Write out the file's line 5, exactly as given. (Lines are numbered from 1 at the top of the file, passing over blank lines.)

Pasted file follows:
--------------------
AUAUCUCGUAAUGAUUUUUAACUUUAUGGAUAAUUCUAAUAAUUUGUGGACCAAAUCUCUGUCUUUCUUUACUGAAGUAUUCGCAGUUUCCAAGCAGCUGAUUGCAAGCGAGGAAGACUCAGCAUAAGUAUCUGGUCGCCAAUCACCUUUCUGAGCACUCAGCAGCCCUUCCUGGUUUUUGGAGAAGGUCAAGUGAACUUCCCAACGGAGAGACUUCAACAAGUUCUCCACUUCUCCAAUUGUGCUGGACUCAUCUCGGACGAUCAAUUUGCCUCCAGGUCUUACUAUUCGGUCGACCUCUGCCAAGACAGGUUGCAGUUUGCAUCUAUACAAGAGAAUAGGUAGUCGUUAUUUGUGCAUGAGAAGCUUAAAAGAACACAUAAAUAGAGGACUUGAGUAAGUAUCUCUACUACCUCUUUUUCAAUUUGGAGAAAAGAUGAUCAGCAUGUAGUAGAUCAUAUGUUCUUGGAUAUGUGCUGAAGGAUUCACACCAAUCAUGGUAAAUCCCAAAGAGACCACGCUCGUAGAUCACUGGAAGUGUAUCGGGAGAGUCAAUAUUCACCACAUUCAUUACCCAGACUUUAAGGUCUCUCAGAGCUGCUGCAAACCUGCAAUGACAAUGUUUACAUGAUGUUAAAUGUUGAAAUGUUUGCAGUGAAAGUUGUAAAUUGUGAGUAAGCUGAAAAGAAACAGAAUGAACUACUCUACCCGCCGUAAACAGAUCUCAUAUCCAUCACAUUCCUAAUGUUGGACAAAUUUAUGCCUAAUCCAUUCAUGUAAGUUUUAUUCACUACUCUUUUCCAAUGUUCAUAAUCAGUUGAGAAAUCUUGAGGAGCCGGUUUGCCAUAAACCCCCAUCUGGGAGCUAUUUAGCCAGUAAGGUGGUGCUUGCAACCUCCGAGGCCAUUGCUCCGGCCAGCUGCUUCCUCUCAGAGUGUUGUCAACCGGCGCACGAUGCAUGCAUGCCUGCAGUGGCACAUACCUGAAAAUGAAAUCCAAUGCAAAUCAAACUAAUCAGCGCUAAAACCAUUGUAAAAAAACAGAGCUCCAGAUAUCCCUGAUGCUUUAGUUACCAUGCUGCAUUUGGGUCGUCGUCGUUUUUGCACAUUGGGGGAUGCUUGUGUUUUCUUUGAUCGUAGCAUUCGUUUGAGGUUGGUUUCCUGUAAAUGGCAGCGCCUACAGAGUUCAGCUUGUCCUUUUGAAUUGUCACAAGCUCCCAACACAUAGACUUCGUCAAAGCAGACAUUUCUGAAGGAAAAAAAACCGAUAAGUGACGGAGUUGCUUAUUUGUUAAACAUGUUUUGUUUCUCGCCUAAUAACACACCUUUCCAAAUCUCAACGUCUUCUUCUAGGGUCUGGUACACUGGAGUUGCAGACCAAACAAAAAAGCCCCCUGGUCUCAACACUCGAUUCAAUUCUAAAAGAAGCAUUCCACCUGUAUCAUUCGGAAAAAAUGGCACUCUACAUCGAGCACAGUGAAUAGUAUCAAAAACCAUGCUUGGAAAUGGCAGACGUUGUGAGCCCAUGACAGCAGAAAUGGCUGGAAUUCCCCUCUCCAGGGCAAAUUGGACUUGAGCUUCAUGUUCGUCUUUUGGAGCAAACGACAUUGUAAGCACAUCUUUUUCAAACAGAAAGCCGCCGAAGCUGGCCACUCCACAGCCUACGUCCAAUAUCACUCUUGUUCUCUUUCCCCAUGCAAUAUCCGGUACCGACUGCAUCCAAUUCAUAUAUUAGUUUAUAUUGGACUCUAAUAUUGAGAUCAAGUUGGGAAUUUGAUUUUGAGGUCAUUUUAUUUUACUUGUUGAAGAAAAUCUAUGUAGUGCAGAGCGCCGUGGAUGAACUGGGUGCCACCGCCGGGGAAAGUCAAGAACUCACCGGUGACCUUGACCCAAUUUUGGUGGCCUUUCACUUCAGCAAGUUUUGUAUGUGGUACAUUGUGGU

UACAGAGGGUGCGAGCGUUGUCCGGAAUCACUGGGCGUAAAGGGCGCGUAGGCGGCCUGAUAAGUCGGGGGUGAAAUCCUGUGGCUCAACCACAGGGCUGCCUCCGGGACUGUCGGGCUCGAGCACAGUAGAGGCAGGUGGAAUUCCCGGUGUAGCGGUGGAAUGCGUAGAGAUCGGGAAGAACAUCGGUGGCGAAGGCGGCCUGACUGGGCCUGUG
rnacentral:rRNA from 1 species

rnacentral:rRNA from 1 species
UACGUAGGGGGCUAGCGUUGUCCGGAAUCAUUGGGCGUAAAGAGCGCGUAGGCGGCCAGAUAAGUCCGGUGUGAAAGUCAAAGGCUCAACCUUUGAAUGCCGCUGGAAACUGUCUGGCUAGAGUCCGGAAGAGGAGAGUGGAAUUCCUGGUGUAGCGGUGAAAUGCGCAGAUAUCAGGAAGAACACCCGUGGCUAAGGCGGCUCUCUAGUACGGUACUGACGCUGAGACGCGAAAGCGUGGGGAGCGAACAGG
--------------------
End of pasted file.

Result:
UACGUAGGGGGCUAGCGUUGUCCGGAAUCAUUGGGCGUAAAGAGCGCGUAGGCGGCCAGAUAAGUCCGGUGUGAAAGUCAAAGGCUCAACCUUUGAAUGCCGCUGGAAACUGUCUGGCUAGAGUCCGGAAGAGGAGAGUGGAAUUCCUGGUGUAGCGGUGAAAUGCGCAGAUAUCAGGAAGAACACCCGUGGCUAAGGCGGCUCUCUAGUACGGUACUGACGCUGAGACGCGAAAGCGUGGGGAGCGAACAGG